Mecca Bound and Other Poems

by Marian O’Brien Paul

Mecca Bound

“We raced before the monsoon winds,”
the old woman said, remembering how
the huge ship had hugged its human cargo.

She was silent a while, her eyelids lowered,
brow furrowed as she sorted the long-ago,
examining each scrap stored in her mind,
recalling the slap of heavy sails scooping
up the gale until they billowed as round as
the belly of her mother when full of child.
She could almost smell the smoky charcoal
smoldering in boxes filled with sand while
cook pots swung above, spicing salty air.
How wet that air when waves splashed
higher than the ship’s rail, drenching hair,
soaking clothing and remembered the time
the wind stopped a while, long enough
to wrap the bodies of the dead, two elders
who would enter heaven instead of Mecca.
She could still hear the sound of the cloth
that bound them, threads chafing the plank
before the bodies splashed into ocean water.

Once more she spoke: “Two old people died.
They were buried at sea,” was all she said.

Deep in her thoughts, she watched them sink
beneath the rolling waves, unsure how long
before the shrouds unwound, before the fish
could nibble sightless eyes; wondered what
things looked like below on the ocean floor –
perhaps a trail of bones for years laid down
to mark the way for pilgrims bound to Mecca.



the slow erasure

how the grass licks
at the stone’s edge
the green-slide across the surface
first one slender tendril
than another one
and another

another reaching toward the first
slim tips touching like tongues
forming nests that die
each season

pressing down on stone
imperceptible push

The time comes when no one
remembers the path
hands gone that laid it
owners moved on
whose feet once stepped here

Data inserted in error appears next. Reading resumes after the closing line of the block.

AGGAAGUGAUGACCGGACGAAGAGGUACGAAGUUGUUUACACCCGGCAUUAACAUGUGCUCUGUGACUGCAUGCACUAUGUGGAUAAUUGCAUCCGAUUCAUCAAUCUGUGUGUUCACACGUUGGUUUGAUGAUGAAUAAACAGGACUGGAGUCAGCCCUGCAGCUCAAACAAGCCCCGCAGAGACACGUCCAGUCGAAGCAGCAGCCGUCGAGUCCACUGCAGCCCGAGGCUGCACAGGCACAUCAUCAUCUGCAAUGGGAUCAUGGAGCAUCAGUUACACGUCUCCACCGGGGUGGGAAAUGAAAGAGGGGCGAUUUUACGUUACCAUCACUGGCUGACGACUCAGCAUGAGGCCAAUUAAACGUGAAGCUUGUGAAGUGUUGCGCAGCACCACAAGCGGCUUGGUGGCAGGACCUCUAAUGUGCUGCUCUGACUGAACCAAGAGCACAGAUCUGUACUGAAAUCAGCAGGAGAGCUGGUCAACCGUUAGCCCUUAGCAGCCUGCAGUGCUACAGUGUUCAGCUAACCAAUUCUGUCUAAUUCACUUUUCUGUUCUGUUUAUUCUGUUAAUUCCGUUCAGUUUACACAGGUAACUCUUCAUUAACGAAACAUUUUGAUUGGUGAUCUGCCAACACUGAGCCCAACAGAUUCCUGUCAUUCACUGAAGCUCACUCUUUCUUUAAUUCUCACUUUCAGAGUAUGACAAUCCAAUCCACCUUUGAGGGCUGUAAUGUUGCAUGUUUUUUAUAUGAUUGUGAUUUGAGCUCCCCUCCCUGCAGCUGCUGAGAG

bodies laid beneath other stones
that will also slowly sink

And what does it matter
to the grass
flourishing like us
for a season


Sweet Affair

Influenced by stanza XII of The Rubaiyat
by Omar Khayyam, written in 1120 CE/AD:

A Book of Verses underneath the Bough,
A Jug of Wine, a Loaf of Bread–and Thou
Beside me singing in the Wilderness–
Oh, Wilderness were Paradise enow!

A glass of wine, a loaf of bread …
I lack but you with whom to share
this feast; conduct our sweet affair.

A book of verses – pages spread
on table – words of tender care,
a glass of wine, a loaf of bread …
I lack but you with whom to share.

A vase of roses, fiery red
their fragrant breath, a prayer …
angelic bliss if you were there.
A glass of wine, a loaf of bread …
I lack but you with whom to share
this feast; conduct our sweet affair.


Mad Geranium: a Terzanelle

My mad geranium plant expands: its leaves
as wide as dinner plates, its stalks as long
as striking snakes. It reaches toward the eaves.

Encroaching on my space, this jungle throng
has launched a single, crimson bloom
as wide as dinner plate, on stalk so long

it threatens total conquest of entire room.
The petals shaped like shotgun spatter
unleashed from single, crimson bloom,

the scores of velvet pellets aimed to scatter
blood-red drops on my computer keys.
These petals, shaped like shotgun spatter,

await an open window, robust breeze
to trigger scarlet fire, starting flood
of bloody drops upon computer keys.

Thus triggered, scarlet fire starts its flood.
As mad geranium plant expands, its leaves
conceal on longest stalk a newborn bud.
Strike that snake before it reaches eaves.’


Editor’s Note on Mecca Bound Others:

  • An excerpt from Mecca Bound appeared in Signatures, newsletter of the Department of English, University of Nebraska, Omaha. Spring 2006.
  • Sweet Affair appeared in Robert Lee Brewer’s Poetic Asides Blog | Fall 2014.
  • Mad Geranium appeared in Robert Lee Brewer’s Poetic Asides Blog | Fall 2014.
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